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Restless legs


#1

Hi all, I know we have touched briefly in our conversations about restless leg syndrome as it seems to be a very common affect of MAV. I have battled it for quite a long time, where I just cannot fall asleep with my leg muscles wanting to spasm… it’s incredibly frustrating! I have found that this works so well for me, so thought you may want to give it a whirl also. @turnitaround James, maybe you can link this to recommended products?


#2

I had restless legs at one point as well but it eventually went away. Whatever works for you is great! In my humble opinion homeopathic remedies are most likely placebo. But if I remember correctly restless legs can be due to low iron/ferritin, which is something that can be tested and treated. It might be worth looking into. My sister was low once and felt much better after being treated.


#3

Hi Erik, interesting! I’ve battled it off and on for years, but since MAV happened, it’s kicked into high gear (like so many things). I am getting on the treadmill every evening, working on my balance and seems it has made my restless legs more jumpy. Around midnight last night I took 2 of these and it completely calmed my jumpy muscles. :grin:


#4

I believe it’s a common side effect of the medication and due to the higher levels of serotonin. I had exactly the same issue with Amitriptyline. Also I imagine the higher the dose you are on the worse it might get. For me it was a very intermittent thing.

“The use of some prescription drugs for example, the antidepressant Elavil (amitriptyline) and stomach acid blockers such as Zantac or Tagamet has been associated with RLS.”

Thanks for the recommendation.


#5

Dr Silver in his ‘Nonheadache manifestations of … slide presentation posted on here recently by @GetBetter presents a case for Restless Legs all being part of the syndrome. Helen


#6

They will blame anything on ‘migraine’!! It’s getting ridiculous. They need to spend more time doing experiments and proper modelling that wasting yet more money on epidemiology and then making too many assumptions on the causality.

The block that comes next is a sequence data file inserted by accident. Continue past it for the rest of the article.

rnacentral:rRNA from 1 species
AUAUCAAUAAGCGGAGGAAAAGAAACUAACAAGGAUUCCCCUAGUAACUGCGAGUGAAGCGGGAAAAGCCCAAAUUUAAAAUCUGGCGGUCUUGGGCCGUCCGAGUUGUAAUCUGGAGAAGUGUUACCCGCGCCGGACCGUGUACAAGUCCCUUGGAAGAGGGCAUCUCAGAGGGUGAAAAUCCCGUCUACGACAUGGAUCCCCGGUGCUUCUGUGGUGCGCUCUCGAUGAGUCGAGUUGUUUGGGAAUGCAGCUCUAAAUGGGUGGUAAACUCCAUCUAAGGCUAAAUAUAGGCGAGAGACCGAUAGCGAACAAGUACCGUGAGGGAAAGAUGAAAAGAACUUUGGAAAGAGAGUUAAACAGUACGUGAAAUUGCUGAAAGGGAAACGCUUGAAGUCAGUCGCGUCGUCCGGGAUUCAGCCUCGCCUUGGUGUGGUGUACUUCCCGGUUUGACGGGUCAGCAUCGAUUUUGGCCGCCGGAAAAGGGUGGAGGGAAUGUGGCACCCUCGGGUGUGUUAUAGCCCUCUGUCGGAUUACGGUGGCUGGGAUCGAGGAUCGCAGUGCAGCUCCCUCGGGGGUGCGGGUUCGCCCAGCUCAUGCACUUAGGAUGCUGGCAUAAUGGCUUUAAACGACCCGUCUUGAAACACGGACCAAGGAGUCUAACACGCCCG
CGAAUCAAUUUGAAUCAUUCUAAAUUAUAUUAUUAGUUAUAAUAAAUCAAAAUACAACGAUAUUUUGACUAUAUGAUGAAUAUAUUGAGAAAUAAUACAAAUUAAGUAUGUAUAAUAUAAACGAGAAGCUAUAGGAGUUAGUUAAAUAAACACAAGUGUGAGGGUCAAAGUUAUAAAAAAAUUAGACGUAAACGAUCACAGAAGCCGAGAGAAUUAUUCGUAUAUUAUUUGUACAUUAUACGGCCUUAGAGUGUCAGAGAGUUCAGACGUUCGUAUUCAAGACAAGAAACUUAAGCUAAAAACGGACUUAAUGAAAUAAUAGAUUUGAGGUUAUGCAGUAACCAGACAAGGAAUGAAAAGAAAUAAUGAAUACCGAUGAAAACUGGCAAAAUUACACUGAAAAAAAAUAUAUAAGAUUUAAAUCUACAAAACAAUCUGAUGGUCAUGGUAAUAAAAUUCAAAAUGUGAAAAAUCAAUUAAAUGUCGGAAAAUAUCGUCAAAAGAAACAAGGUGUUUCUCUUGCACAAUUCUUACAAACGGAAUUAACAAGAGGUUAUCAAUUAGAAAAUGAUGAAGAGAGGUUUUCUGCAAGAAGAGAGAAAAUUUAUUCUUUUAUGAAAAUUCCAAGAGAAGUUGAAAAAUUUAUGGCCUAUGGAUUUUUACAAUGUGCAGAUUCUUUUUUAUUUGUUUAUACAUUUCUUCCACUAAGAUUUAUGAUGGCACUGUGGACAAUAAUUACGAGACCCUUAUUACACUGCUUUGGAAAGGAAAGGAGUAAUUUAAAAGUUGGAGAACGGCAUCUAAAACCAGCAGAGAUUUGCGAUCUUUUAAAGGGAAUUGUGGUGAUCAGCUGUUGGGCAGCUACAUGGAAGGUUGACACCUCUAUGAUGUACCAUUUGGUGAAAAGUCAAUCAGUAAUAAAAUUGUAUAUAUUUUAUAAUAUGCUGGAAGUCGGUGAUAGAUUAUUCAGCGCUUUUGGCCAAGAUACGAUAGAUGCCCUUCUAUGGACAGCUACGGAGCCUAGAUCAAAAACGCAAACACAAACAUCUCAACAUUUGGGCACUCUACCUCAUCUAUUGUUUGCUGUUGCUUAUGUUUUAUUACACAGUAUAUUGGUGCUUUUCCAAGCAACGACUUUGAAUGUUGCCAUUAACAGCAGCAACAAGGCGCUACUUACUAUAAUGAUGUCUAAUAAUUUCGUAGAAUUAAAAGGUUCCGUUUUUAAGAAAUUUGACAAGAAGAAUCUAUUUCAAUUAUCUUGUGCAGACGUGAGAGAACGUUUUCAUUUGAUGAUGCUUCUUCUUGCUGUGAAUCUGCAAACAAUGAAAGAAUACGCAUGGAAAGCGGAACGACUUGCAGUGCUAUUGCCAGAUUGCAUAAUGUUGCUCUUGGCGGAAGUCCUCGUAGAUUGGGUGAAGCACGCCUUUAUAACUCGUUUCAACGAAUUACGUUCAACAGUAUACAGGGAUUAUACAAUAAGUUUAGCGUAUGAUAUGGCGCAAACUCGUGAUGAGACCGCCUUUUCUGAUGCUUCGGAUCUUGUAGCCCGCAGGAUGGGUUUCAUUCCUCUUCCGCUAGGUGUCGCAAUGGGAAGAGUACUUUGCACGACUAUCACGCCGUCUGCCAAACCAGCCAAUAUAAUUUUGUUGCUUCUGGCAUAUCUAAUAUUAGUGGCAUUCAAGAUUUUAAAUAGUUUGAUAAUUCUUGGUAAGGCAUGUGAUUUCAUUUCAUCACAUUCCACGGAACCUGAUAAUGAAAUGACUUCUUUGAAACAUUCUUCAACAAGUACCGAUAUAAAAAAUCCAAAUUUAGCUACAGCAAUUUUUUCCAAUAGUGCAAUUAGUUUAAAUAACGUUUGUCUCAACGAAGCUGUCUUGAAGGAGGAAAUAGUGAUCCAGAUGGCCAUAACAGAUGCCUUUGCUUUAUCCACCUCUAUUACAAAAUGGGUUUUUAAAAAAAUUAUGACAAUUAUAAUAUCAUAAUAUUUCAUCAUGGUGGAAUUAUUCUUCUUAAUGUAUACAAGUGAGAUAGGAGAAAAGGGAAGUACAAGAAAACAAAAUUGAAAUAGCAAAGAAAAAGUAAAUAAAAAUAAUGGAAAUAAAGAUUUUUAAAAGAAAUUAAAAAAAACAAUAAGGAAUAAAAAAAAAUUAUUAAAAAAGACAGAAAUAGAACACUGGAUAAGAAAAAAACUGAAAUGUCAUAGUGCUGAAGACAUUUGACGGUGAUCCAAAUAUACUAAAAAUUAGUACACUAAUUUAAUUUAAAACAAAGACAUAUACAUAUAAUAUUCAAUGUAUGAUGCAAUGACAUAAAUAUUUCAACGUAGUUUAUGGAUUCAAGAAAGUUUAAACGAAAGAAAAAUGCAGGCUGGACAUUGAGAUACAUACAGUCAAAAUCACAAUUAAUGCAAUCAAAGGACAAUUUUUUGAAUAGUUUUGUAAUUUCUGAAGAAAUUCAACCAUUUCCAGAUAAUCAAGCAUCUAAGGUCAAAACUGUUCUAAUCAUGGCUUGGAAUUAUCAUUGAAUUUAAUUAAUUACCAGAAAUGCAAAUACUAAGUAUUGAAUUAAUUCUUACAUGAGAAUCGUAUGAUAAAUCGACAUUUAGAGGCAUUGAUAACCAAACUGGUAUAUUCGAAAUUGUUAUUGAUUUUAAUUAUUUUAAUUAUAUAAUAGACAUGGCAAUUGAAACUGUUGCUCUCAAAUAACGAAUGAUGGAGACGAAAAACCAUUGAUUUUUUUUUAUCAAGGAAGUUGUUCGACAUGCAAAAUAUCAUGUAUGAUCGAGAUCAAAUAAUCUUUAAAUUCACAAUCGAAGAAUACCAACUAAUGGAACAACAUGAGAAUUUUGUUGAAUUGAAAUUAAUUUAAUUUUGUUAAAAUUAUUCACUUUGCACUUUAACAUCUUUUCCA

#7

Do your legs tingle too and are they just jumpy?


#8

Hi Rosjane, my feet and calves tingle sometimes.


#9

i think it is rather a cluster of symptoms that lead to a syndrome? migraine affects the brain in a way that all gets crazy?


#10

That’s true.

I’m just triggered whenever I suspect ‘migraine’ is being used for an explanation. It explains very little: migraine is not a root cause, it’s an escalation of something before it.


#11

i know… but if you think how meds that affect the brain have so many side effects, it is possible that migraine starts a chain of events that lead to a whole body shake.


#12

You’ve just proven my point.

It’s got the stage where because we know very little about the nebulous ‘migraine’ it can be used as an excuse for almost any bodily symptom. It’s totally out of hand and ridiculous. What next, cardiac arrest? (actually that connection has already been made).

OK fine, let every ailment be ‘migraine’ and let’s stop doing any more research, we’ve found the answer and it’s ‘migraine’.

We can move on now!


#13

haha… i know, but oh well, lets not get into another debate.


#14

I am not a scientist nor a Doctor, I am just a girl trying to calm this monster the best way she knows how. To me, its just like any disorder or disease that still needs research and a cure which may not come in my lifetime. Whether Migraine is the affect or effect is obviously the great unknown.


#15

Indeed, so very important to be your own advocate and be very enquiring and critical of everything you hear.

You don’t need to be a PhD to conduct online research into this illness. There’s loads of public info. Do not listen to lazy simplistic explanations.

btw, my Oto-neurologist told me that when I reported my shaky, restless leg, it was a side-effect of Amitriptyline. I did not have it before I started Ami.


#16

I still have calve muscle twitching, which my Neurologist says is normal for some people and almost always benign, but cause is unknown.

Also in my case, my restless legs really seemed to increase after quitting tobacco cold turkey. My sister reported the same after she quit. I guess that could fit into the Serotonin theory because tobacco tends to affect many neurotransmitters.


#17

I have restless legs. It helps me mask the irregularities and rocking i might experience. I feel better in motion and restless legs gives an illusion of motion to distract me from the dizziness.


#18

Only time I ever have it is during acute attack, then I get jerky legs lying in bed but can also get fidgety legs whilst sitting in chair. That sort of ‘your legs are trying to get up from sitting but the rest of you isn’t going to’ feeling. Don’t get RLS in the night but I’ve had constantly fidgeting legs standing up, virtually tremours I imagine but only when MAV was bad and prior to meds, as far, the tremoury one leg. So, for me, RLS is part of the MAV act but I’m sure for some it’s meds side effect and then would probably be identifiable quite simply by the timing of onset. Helen